Back in my apartment, the noise is constant, and getting any sleep is a challenge. The construction racket ends at 4am, only to be replaced by funeral processions ot 7am in the morning. Chinese funerals include the clanging of xiao(cymbals), various wind instruments and a barrage of high power fireworks to scare away any unwelcome spirits and foreigners such as myself. I sleep on a large wooden plank with two small blankets. Chinese people don't feel it is necessary to buy mattresses and other superflous things of this nature. I have however decided to splurge and buy myself an electric shower instead of walking to the nearest public shower. The noise in my apartment is unbearable and I have been forced improvise a pair of earplugs. Chinese Playdo from the kids section works well and has become the latest edition to my Chinese survival kit along with my toilet paper and teaball.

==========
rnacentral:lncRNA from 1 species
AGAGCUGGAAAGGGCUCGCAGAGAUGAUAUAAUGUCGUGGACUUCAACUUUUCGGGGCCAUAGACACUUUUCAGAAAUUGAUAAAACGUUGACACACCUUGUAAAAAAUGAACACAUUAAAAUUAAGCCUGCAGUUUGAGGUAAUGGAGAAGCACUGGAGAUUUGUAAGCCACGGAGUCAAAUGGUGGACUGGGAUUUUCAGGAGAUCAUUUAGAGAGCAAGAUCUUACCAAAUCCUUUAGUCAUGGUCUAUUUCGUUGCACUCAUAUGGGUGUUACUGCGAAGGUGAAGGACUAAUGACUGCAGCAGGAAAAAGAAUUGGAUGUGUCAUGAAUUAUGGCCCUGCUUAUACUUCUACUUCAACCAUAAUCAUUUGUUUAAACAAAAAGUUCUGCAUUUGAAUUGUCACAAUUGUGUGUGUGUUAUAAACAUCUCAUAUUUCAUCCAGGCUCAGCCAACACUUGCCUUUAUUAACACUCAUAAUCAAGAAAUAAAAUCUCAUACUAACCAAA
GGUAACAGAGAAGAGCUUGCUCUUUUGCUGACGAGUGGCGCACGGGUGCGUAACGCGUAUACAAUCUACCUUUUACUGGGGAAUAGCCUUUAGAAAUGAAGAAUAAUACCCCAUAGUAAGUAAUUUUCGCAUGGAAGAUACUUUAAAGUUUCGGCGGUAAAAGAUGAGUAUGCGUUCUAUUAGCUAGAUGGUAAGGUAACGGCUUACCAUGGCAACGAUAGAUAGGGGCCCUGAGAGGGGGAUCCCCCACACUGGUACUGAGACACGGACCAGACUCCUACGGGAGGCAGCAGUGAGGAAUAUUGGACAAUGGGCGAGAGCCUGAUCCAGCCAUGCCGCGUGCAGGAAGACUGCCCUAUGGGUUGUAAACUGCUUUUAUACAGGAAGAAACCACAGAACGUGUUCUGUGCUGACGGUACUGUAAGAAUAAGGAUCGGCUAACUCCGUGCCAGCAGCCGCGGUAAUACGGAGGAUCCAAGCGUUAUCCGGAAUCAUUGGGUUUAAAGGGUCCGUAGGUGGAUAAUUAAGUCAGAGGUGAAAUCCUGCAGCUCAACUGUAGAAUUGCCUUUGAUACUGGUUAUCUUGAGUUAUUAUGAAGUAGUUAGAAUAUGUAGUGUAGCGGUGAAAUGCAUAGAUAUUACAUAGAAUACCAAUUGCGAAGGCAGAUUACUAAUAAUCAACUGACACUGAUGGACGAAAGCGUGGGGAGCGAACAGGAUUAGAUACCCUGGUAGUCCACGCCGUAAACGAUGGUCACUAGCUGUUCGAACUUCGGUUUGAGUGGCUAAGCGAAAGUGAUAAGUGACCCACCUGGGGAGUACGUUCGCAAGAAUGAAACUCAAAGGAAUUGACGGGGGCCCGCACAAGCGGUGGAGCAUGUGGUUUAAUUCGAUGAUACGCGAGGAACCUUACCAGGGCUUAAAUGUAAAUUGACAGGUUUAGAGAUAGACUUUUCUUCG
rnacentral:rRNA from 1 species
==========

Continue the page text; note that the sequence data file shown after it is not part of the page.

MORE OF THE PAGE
Hobbit Houses

I ask my friends her if we can get out of the city and go to the countryside to sleep in one of the caves on a local farm. They agree, and soon we are off on a two and a half hour trek. The path winds through hils and valleys. My friends tell me there is a mountain village several hours by car and foot which has people in it who have never seen the outside world. They have no electricity and are very poor, living off of meager farming production. We arrive to our destination to smiling faces of kids and piles of watermelon. The food is great albeit a bit bland. There are a great many variety of breads here which are quite good. I couldn't help but notice the "smallness" of many things around me. The apples and potatoes I was served were a third the size of what I am used to in the states. Even the cows were not so large nor beefy. I found out that this was because there was no grass for grazing farm animals. These cows were used for plowing only and they produced no milk.